It occurs when there is prolonged fluid presence (urine, feces, and perspirationon). It normally develops on the peristomal skin below the wafer. Maceration debilitates and if not treated can potentially rupture the exposed skin leading to open wounds and infections. The situation can become more complex when there is Periwound Maceration which is maceration around open wounds.
- Mucocutaneous Junction
It is where the intestine and the skin meet to form the stoma. It is known as Mucocutaneous because there is a transition from mucous tissue (the intestine) to regular skin (epidermis).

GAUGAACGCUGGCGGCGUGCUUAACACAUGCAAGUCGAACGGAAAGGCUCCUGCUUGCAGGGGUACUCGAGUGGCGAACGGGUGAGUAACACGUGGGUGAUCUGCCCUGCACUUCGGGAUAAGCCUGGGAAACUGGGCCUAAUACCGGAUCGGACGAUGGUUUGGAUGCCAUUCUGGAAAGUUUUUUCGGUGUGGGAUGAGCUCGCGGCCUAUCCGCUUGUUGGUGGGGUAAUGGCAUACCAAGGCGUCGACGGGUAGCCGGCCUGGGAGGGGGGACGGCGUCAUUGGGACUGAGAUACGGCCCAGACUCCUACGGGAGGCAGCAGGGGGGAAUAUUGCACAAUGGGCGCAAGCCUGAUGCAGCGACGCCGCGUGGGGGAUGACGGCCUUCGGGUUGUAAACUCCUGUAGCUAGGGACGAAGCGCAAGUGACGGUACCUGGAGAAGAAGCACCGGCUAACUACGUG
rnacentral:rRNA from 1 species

- Mucocutaneous Separation
It is a detachment of the stoma from the skin. It could be the consequence of poor nutrition, anemia, diabetes, or radiation therapy all of which can lead to inadequate healing. In order to avoid infection or necrosis, it should be repaired and treated as any open wound.